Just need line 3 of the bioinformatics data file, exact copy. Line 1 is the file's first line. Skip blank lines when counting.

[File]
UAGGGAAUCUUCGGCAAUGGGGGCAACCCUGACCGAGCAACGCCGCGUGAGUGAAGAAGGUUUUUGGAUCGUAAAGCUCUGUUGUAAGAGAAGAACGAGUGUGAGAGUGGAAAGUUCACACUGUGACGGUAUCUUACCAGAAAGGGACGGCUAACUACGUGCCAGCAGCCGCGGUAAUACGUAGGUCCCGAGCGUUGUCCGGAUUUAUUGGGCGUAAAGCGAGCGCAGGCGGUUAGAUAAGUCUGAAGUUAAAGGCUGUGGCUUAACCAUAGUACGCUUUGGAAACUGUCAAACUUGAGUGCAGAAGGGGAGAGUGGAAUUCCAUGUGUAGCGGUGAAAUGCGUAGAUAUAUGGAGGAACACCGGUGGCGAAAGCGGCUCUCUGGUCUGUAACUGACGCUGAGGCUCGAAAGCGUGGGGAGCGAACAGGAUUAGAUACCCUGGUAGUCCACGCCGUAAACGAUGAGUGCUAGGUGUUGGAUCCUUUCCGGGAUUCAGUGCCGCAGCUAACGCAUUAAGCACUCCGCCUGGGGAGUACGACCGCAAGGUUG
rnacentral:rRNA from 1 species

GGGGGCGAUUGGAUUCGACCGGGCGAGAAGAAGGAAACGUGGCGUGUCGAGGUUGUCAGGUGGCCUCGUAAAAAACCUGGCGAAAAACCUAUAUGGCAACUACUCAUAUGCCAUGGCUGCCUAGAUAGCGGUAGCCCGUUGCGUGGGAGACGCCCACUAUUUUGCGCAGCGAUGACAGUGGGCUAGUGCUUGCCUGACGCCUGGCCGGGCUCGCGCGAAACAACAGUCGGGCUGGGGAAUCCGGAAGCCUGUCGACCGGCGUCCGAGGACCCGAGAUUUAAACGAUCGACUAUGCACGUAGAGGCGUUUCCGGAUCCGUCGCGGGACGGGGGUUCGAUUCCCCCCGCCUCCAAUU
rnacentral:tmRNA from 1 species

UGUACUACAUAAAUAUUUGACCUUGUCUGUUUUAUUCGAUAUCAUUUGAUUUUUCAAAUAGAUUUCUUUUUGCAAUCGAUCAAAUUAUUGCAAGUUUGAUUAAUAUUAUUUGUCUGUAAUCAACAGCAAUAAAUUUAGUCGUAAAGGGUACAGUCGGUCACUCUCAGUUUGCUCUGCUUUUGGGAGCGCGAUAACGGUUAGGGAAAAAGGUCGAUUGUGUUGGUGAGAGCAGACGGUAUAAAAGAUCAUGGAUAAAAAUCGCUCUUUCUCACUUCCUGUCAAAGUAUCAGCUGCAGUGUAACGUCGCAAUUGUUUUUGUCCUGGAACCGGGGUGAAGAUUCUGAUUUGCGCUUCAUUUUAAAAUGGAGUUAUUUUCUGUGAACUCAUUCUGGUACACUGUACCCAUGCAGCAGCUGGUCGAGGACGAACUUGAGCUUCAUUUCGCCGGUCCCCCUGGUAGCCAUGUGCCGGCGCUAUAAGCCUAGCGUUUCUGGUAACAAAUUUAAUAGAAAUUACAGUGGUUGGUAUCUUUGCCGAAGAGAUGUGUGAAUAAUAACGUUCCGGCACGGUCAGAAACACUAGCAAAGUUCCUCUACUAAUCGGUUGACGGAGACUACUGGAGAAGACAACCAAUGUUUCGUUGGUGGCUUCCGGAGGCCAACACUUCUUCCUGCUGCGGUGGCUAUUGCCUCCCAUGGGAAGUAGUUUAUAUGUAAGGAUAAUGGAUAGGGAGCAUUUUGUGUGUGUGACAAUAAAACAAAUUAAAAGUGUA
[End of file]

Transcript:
GGGGGCGAUUGGAUUCGACCGGGCGAGAAGAAGGAAACGUGGCGUGUCGAGGUUGUCAGGUGGCCUCGUAAAAAACCUGGCGAAAAACCUAUAUGGCAACUACUCAUAUGCCAUGGCUGCCUAGAUAGCGGUAGCCCGUUGCGUGGGAGACGCCCACUAUUUUGCGCAGCGAUGACAGUGGGCUAGUGCUUGCCUGACGCCUGGCCGGGCUCGCGCGAAACAACAGUCGGGCUGGGGAAUCCGGAAGCCUGUCGACCGGCGUCCGAGGACCCGAGAUUUAAACGAUCGACUAUGCACGUAGAGGCGUUUCCGGAUCCGUCGCGGGACGGGGGUUCGAUUCCCCCCGCCUCCAAUU